The artistry of John: the Fourth Gospel as narrative christology

Stibbe, Mark (1989) The artistry of John: the Fourth Gospel as narrative christology. PhD thesis, University of Nottingham.

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Abstract

The present work has two aims. The first aim is to introduce the method of narrative criticism to New Testament scholars and we attempt to do this in Part One. Narrative criticism of the Bible has been practised since the early 1980's, but since that time no one has established the nature and the aims of the method. This thesis is the first work to define what a comprehensive narrative-critical approach to the gospels might entail. It is also the first work to include historical concerns in the narrative-critical programme. The examples of narrative criticism we do have in New Testament studies all assume that narrative criticism must be an a-historical method. We point out the fallacy of this view by drawing attention to the recent sociological studies of the narrative form and to the narrative history debate in History Faculties during the 1960's and 1970's. These two movements in scholarship necessitate an historical dimension to narrative criticism if the narrative form is not to be greatly restricted and over-simplified.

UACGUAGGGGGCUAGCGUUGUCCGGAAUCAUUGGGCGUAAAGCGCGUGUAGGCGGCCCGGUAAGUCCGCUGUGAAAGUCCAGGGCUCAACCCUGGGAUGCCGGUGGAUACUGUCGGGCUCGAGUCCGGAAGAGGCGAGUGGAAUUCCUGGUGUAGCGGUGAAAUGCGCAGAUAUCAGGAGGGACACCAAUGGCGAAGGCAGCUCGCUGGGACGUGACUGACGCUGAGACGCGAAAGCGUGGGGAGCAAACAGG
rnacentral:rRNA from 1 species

In Part One we provide an apology for narrative criticism and we show how future Johannine scholars might examine JOHN as narrative Christology (chapter one), narrative performance (chapter two), community narrative (chapter three) and narrative history (chapter four). In Part Two we provide an illustration of the method at work. Taking the Johannine passion narrative as our text (John 18-19), we show how this part of JOHN might be examined as narrative Christology (chapter five), narrative performance (chapter six), community narrative (chapter seven) and narrative history (chapter eight). This thesis is the first to expose these chapters to a thorough and rigorous literary approach. Our analysis reveals that the fourth evangelist has constructed his passion story with great artistry. We draw particular attention to narrative echo-effects, characterization, tragic mood, the reader's response of "home-coming" and time-shapes in John 18-19. These, and many other narrative strategies, contribute towards the classic, disclosing power of JOHN's story of the death of Jesus.

Item Type: Thesis (University of Nottingham only) (PhD)
Supervisors: Muddiman, J.
Subjects: B Philosophy. Psychology. Religion > BS The Bible
Faculties/Schools: UK Campuses > Faculty of Arts > School of Humanities
Item ID: 12328
Depositing User: EP, Services
Date Deposited: 25 Nov 2011 15:11
Last Modified: 13 Sep 2016 13:15
URI: http://eprints.nottingham.ac.uk/id/eprint/12328

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